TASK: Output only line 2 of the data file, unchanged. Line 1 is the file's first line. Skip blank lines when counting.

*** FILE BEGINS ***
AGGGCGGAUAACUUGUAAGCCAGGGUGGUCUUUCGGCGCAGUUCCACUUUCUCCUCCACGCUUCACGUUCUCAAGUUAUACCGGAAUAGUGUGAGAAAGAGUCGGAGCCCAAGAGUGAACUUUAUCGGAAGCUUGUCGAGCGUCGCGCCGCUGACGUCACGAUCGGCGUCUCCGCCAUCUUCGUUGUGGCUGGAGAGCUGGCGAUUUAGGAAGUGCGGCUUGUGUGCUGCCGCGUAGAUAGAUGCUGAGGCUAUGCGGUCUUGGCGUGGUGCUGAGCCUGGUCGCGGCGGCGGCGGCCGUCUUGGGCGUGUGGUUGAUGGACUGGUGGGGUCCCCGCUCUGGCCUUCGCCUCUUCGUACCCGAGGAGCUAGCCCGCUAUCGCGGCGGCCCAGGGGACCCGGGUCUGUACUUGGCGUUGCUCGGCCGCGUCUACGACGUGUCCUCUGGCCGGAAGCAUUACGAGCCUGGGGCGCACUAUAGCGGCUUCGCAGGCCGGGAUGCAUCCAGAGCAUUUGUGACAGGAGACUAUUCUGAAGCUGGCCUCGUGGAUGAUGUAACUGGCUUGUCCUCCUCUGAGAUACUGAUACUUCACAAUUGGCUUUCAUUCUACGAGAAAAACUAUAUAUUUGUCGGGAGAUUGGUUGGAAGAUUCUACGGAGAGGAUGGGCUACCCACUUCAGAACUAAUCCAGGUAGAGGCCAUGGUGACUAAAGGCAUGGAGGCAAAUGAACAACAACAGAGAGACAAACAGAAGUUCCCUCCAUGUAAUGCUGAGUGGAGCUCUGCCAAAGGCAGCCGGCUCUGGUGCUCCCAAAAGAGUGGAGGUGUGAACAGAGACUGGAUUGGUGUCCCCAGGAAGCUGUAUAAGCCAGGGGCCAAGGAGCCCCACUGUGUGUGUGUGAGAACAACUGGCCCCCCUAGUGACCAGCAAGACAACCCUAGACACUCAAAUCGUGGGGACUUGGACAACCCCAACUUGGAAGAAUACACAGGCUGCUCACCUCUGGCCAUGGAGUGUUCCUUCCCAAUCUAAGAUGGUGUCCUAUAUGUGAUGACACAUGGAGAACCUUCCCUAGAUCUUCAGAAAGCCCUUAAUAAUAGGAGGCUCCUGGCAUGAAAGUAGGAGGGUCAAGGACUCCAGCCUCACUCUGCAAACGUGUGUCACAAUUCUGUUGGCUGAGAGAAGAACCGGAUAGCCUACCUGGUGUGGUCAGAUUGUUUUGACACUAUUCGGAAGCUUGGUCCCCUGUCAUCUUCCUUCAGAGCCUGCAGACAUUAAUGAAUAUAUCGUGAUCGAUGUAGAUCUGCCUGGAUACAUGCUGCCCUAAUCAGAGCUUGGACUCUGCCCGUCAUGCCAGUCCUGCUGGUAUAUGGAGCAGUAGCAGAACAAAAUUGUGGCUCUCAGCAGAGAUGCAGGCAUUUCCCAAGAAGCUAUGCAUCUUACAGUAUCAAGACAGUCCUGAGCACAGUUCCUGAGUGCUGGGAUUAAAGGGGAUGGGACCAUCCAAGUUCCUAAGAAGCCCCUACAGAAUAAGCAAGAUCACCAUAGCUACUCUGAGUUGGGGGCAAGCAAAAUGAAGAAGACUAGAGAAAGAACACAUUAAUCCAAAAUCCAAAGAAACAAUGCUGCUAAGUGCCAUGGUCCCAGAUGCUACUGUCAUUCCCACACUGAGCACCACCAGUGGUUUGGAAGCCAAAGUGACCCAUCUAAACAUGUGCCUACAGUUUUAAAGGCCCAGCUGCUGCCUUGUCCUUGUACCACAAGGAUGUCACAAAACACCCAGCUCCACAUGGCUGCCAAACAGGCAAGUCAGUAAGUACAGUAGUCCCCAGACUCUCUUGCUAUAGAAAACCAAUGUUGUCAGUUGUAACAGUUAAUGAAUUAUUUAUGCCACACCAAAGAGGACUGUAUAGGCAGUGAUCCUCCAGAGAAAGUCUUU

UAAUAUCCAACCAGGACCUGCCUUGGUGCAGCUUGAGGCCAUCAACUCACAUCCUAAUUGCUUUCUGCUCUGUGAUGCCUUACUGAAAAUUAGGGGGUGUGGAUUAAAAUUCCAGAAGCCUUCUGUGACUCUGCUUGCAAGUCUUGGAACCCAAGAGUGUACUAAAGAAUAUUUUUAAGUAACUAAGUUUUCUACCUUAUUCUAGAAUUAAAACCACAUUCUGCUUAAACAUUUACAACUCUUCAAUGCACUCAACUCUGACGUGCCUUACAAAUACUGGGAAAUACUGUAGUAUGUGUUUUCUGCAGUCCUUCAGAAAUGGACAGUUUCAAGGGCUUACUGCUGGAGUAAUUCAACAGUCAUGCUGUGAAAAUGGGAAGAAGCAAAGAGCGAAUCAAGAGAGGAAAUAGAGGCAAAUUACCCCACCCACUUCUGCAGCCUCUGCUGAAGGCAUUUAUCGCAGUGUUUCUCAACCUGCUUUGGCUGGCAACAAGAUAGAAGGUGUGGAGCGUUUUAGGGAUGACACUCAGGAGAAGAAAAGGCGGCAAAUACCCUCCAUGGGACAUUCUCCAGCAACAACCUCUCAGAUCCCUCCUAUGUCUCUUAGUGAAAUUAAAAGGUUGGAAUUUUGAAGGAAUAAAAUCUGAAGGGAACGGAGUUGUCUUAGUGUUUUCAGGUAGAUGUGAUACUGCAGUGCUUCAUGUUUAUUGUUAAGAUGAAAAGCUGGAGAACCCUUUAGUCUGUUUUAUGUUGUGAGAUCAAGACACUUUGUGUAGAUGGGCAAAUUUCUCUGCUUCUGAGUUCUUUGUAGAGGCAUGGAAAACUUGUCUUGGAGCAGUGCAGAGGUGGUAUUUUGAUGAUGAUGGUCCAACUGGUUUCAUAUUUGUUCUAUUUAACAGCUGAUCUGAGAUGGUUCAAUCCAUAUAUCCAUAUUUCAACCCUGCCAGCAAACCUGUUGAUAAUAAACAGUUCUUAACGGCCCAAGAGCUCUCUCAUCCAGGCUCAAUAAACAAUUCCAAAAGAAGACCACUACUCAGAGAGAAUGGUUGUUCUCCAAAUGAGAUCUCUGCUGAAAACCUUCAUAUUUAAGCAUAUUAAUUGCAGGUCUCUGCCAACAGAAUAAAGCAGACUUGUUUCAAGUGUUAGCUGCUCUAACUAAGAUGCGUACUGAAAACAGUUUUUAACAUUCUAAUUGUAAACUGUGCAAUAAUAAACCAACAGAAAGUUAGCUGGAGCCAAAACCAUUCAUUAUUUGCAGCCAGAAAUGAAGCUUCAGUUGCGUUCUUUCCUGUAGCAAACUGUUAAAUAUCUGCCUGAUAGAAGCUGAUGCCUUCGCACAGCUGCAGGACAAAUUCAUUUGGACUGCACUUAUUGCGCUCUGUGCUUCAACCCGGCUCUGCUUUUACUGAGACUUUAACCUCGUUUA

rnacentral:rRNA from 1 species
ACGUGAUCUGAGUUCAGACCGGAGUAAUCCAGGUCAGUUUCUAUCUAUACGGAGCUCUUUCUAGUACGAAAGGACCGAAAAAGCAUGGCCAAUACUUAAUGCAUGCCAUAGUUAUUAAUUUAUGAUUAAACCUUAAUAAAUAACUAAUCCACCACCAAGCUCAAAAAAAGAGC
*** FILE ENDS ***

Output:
UAAUAUCCAACCAGGACCUGCCUUGGUGCAGCUUGAGGCCAUCAACUCACAUCCUAAUUGCUUUCUGCUCUGUGAUGCCUUACUGAAAAUUAGGGGGUGUGGAUUAAAAUUCCAGAAGCCUUCUGUGACUCUGCUUGCAAGUCUUGGAACCCAAGAGUGUACUAAAGAAUAUUUUUAAGUAACUAAGUUUUCUACCUUAUUCUAGAAUUAAAACCACAUUCUGCUUAAACAUUUACAACUCUUCAAUGCACUCAACUCUGACGUGCCUUACAAAUACUGGGAAAUACUGUAGUAUGUGUUUUCUGCAGUCCUUCAGAAAUGGACAGUUUCAAGGGCUUACUGCUGGAGUAAUUCAACAGUCAUGCUGUGAAAAUGGGAAGAAGCAAAGAGCGAAUCAAGAGAGGAAAUAGAGGCAAAUUACCCCACCCACUUCUGCAGCCUCUGCUGAAGGCAUUUAUCGCAGUGUUUCUCAACCUGCUUUGGCUGGCAACAAGAUAGAAGGUGUGGAGCGUUUUAGGGAUGACACUCAGGAGAAGAAAAGGCGGCAAAUACCCUCCAUGGGACAUUCUCCAGCAACAACCUCUCAGAUCCCUCCUAUGUCUCUUAGUGAAAUUAAAAGGUUGGAAUUUUGAAGGAAUAAAAUCUGAAGGGAACGGAGUUGUCUUAGUGUUUUCAGGUAGAUGUGAUACUGCAGUGCUUCAUGUUUAUUGUUAAGAUGAAAAGCUGGAGAACCCUUUAGUCUGUUUUAUGUUGUGAGAUCAAGACACUUUGUGUAGAUGGGCAAAUUUCUCUGCUUCUGAGUUCUUUGUAGAGGCAUGGAAAACUUGUCUUGGAGCAGUGCAGAGGUGGUAUUUUGAUGAUGAUGGUCCAACUGGUUUCAUAUUUGUUCUAUUUAACAGCUGAUCUGAGAUGGUUCAAUCCAUAUAUCCAUAUUUCAACCCUGCCAGCAAACCUGUUGAUAAUAAACAGUUCUUAACGGCCCAAGAGCUCUCUCAUCCAGGCUCAAUAAACAAUUCCAAAAGAAGACCACUACUCAGAGAGAAUGGUUGUUCUCCAAAUGAGAUCUCUGCUGAAAACCUUCAUAUUUAAGCAUAUUAAUUGCAGGUCUCUGCCAACAGAAUAAAGCAGACUUGUUUCAAGUGUUAGCUGCUCUAACUAAGAUGCGUACUGAAAACAGUUUUUAACAUUCUAAUUGUAAACUGUGCAAUAAUAAACCAACAGAAAGUUAGCUGGAGCCAAAACCAUUCAUUAUUUGCAGCCAGAAAUGAAGCUUCAGUUGCGUUCUUUCCUGUAGCAAACUGUUAAAUAUCUGCCUGAUAGAAGCUGAUGCCUUCGCACAGCUGCAGGACAAAUUCAUUUGGACUGCACUUAUUGCGCUCUGUGCUUCAACCCGGCUCUGCUUUUACUGAGACUUUAACCUCGUUUA